Gothic Bournes is proposed as a growing corpus of Gothic-related materials. ‘Gothic’ here designates the genre of horror literature (prose fiction, poetry and drama) that was published between the seventeen-sixties and the eighteen-twenties. ‘Bournes’, in the sense of ‘boundary’ or ‘limit’, is meant to identify the often elusive thresholds that demarcate the genre—texts that paved the way to Gothic, or that ran a somewhat parallel course, or that operated, one way or another, ‘on the edge’ of the body of works recognised as Gothic, or that can be seen as sites of entry into or exit from the Gothic field. The main purpose of this corpus is to facilitate awareness both of the existence of a true genre (something which contemporary criticism is often wary of) and of the porousness of the system, or, for another metaphor, of the fractal nature of its borders.
The premise, argued elsewhere, is that, after some sixty years of flowering, Gothic writers were confronted with two alternatives. Either they chose to continue the old successful run, only to see audiences drift away from them, jaded by a surfeit of Gothic props that a new generation of readers could no longer relish (and the very word ‘Gothic’ became a mark of discredit where a generation earlier it had been enthusiastically received); or else they had to adapt, and so to change; and change they did in creative directions: Gothic begat the detective, adventure, science-fiction, historical, fantasy and, of course, horror genres—in sum, the bulk of what we nowadays know as popular fiction is indebted to Gothic.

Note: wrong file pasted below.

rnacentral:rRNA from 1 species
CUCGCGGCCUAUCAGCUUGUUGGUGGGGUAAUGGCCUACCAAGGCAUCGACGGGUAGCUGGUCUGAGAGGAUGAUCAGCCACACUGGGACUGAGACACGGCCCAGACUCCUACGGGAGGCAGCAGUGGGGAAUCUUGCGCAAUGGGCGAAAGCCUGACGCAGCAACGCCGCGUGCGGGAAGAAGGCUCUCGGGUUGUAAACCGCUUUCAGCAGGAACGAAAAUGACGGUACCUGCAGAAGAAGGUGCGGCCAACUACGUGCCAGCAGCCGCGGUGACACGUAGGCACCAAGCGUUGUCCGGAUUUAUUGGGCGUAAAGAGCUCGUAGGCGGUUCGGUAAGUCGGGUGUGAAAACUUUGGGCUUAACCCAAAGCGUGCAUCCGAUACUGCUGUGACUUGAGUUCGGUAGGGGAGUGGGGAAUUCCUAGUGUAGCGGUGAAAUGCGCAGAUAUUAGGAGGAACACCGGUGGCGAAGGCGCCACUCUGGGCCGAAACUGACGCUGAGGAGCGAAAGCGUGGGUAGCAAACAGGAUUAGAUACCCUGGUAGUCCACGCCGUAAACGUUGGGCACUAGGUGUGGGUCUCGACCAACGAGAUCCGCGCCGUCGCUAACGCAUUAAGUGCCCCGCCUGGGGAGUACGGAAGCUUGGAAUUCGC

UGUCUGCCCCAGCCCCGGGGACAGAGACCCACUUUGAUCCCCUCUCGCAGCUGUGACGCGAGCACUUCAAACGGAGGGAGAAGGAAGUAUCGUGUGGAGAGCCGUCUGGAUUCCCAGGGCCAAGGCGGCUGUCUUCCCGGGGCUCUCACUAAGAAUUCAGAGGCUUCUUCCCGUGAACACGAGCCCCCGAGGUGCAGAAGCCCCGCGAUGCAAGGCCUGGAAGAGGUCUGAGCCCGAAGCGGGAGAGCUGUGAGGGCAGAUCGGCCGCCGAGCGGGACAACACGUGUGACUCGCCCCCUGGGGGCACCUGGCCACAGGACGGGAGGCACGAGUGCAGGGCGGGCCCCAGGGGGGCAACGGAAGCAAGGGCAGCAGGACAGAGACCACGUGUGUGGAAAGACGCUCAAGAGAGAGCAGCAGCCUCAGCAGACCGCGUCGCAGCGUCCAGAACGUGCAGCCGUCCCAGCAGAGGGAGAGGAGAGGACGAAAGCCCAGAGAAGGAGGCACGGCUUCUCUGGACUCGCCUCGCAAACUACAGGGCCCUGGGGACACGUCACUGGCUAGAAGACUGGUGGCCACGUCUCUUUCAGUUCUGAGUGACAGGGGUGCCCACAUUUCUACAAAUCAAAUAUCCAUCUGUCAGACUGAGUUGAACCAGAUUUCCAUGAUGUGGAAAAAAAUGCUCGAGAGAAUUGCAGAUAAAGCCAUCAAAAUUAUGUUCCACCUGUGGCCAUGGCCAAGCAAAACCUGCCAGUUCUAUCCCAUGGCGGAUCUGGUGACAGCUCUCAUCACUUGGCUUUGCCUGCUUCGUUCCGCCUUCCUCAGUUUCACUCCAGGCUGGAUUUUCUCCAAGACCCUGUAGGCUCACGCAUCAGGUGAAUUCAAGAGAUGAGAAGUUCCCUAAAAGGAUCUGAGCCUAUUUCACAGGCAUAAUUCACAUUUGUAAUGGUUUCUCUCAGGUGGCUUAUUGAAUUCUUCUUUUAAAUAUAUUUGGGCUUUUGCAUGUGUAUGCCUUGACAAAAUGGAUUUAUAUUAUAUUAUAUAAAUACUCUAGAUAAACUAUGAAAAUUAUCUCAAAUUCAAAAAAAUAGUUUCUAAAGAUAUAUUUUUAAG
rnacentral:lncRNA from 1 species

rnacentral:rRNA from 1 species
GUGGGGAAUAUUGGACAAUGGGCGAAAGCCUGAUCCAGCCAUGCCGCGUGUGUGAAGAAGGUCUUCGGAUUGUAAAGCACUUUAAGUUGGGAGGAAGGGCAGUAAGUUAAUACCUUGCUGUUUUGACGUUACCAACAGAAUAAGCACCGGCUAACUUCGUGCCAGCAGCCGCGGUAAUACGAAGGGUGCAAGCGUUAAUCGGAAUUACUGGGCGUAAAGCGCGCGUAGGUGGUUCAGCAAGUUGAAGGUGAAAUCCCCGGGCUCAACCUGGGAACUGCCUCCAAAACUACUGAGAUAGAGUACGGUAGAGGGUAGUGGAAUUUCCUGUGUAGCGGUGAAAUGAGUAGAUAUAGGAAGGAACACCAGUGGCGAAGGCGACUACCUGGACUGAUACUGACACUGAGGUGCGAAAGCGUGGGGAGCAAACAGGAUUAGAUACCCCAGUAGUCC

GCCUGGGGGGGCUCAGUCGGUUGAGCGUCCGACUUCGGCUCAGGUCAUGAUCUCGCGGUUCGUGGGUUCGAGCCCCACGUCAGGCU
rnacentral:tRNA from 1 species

The site offers bona fide Gothic texts belonging to the circa 60-year period proposed above, but also texts that appeared before (and somewhat after) and which can claim to be relevant to the history of Gothic. These include news reports, letters, pamphlets, as well as ‘relations’ and ‘narratives’ that appeared in the magazines of the period. Some of them go back to the 17th century; some are even older but were ‘revived’ during the Gothic age; some residual Gothic materials, published after the 1820s, allow us to gauge the resilience, and porousness, of its bournes.
The texts were rigorously transcribed, always from original sources, by MA students in the Editing Gothic Texts seminar for the Madrid Master’s Degree in English Studies (MMES). In keeping with the spatial metaphor of ‘bournes’, the corpus is offered as a help in the construction of a map of Gothic origins and developments that will display the various and complex pathways which led to the emergence (and evolution) of a Gothic genre.